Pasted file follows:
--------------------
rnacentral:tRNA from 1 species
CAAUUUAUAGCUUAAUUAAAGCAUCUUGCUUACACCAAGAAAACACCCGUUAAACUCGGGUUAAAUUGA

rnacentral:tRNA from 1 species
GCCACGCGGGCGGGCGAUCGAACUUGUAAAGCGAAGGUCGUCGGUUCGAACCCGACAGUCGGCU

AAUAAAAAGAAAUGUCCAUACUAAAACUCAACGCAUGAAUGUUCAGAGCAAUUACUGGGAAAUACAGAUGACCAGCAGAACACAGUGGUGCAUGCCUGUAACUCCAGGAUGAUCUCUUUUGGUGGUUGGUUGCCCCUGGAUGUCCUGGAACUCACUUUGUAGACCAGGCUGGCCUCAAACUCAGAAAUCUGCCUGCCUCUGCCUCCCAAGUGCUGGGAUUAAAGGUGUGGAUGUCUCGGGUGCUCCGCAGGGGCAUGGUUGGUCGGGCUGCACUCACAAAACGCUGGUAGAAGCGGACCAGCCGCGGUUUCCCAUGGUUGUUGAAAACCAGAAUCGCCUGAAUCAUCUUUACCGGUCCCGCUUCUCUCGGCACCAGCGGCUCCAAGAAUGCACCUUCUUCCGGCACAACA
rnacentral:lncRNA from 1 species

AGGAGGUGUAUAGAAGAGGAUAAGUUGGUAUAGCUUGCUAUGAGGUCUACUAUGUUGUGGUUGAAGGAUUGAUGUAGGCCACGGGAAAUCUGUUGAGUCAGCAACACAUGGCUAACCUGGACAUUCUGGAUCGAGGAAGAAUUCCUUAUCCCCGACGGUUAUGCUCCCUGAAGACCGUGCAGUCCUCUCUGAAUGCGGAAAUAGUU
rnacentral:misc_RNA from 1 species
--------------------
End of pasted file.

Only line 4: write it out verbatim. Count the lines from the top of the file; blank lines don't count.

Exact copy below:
GCCACGCGGGCGGGCGAUCGAACUUGUAAAGCGAAGGUCGUCGGUUCGAACCCGACAGUCGGCU